Somehow, the last two months got away from me. Somewhere between Thanksgiving, June’s birthday, Christmas, that tiny obligation known as work and various perfectly timed illnesses affecting me and the kids in rapid, repeating succession, I have essentially avoided the kitchen anytime I wasn’t specifically entertaining.
Am I the only one, or is this is another part of that transition into adulthood no one really tells you about? You know, that part where the holidays more or less Christopher Guest you à la The Princess Bride: “I’ve just sucked one year of your life away…” I'm just now starting to recover!! My kids seemed to have a blast – which is ultimately all that counts. But I found myself so behind on gifts, decorating, meal planning, birthday planning, etc that I just wanted it to be over before it had begun; terrible attitude and not my usual modus operandi. Whaaa whaaaa…
You are waiting for the uplifting epiphany here, but there isn’t one. Sometimes, shit just feels too busy to do the things you like to do, which then just puts those things on the stressful list of Things You Haven’t Done.
Luckily, my freezer has been good to me. During one of my bouts of strange sore throat mixed with odd rash and intermittent hearing loss, I found a big container of my favorite chicken soup hiding in the back of my freezer. I am anal about labeling anything that goes into the freezer with what it is and the date I froze it, which is a relief when you find something that looks edible and you are wondering if indeed you made it in the last 12 months. And, so, out came the Avgolemono.
Everyone has a favorite chicken soup, and this one is mine. It’s a take on the Greek version, which is oh-so-lemony and made hearty by the timely addition of an egg or two. I’ve made it both with homemade and store-bought stock, I’ve roasted my own chicken and gotten a roaster from the store – anyway you go, it will be great.
And, even from the freezer, it’s bound to get you out of any food funk and make you feel uplifted and kind of whole in that spiritual way that only food will do.
January has already been nuts and February is looking just as crazy, and I’m not sure when I last showered. Rest assured that many friends tell me this is how they feel, which means it must be normal. And that alone makes it feel a little less frantic – doesn’t it?
8 cups chicken broth
1 medium white onion, finely chopped
1 medium leak, white and light green parts cleaned and chopped
1 garlic clove, minced
2 bay leaves
1.5 cups roughly chopped carrot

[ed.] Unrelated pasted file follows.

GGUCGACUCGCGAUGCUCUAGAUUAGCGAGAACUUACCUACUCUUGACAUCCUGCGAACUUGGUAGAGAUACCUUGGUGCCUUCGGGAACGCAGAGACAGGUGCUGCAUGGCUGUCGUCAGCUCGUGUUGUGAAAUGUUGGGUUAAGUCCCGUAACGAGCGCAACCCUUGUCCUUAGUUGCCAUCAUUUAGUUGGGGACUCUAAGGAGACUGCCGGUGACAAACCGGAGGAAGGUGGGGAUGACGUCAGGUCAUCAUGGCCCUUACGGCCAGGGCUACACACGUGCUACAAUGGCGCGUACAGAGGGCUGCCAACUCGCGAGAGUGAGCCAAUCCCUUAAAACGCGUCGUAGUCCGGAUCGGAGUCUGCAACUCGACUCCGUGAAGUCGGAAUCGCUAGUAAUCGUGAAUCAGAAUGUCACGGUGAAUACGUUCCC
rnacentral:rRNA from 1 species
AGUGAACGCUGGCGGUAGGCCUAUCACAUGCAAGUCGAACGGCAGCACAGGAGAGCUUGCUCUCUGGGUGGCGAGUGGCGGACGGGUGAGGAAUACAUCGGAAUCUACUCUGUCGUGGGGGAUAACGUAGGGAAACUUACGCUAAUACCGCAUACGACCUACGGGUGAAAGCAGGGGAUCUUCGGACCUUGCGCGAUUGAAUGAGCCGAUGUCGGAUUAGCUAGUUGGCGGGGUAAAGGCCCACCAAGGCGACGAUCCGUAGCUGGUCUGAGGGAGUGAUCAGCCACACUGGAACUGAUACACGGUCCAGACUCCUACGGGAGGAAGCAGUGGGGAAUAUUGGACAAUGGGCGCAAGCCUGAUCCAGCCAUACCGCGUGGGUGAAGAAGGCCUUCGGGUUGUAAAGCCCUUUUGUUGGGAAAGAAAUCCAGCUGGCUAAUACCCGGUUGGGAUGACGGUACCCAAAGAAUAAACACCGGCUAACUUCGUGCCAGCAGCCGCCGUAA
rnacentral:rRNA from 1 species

1.5 cups diced celery
Cooled chicken breast, hand shredded from 2 split breasts (cooking directions below OR chicken from the breasts of a pre-cooked 4-5 pound roaster)
½ C fresh squeezed lemon juice
flat leaf parsley
salt and pepper, to taste
Saute leak and onion in olive oil until translucent, 5-8 minutes. Add garlic and bay leaves, cooking 30-60 seconds. Add broth and bring to boil. Add celery and carrots and cook at low simmer for about 10 minutes. Shred cooked chicken by hand and add in. Bring back to low simmer. Whisk together lemon juice and eggs in medium bowl. VERY slowly add broth, ½ C at a time, into egg and lemon juice mixture, whisking constantly, until egg has been tempered – this keeps it from scrambling. After adding about 2 cups of the broth to the egg/lemon, stir back into soup pot and bring up to gentle simmer. Serve immediately, topped with some fresh chopped parsley, or let sit overnight to let flavors meld. Keeps in fridge up to 3 days. Apparently freezes for a really long time
For chicken breasts.
Bone in, baked:
Rub two bone in, skin on, chicken breasts with olive oil, salt and pepper. Place in baking dish and cook at 350 for 55-60 minutes, or until juices run clear. Let cool a bit, then shred meat from bones. Can be made up to one day ahead. Save bones for broth!!
Skinless, boneless, poached:
Place one coarsely chopped onion, 2 carrots, 2 stalks of celery, 1 Tblsp of peppercorn, 1 bay leaf and 2 cloves of garlic in a soup pan along with the two boneless, skinless breasts. Cover with enough cool water to completely submerge chicken. Bring to a low simmer, partially covered, and cook until chicken is cooked through, about 20-25 minutes, making sure not to boil. Remove chicken and discard liquid/reminaing solids. Let chicken sit until just cool enough to handle then hand shred. Add to recipe as above.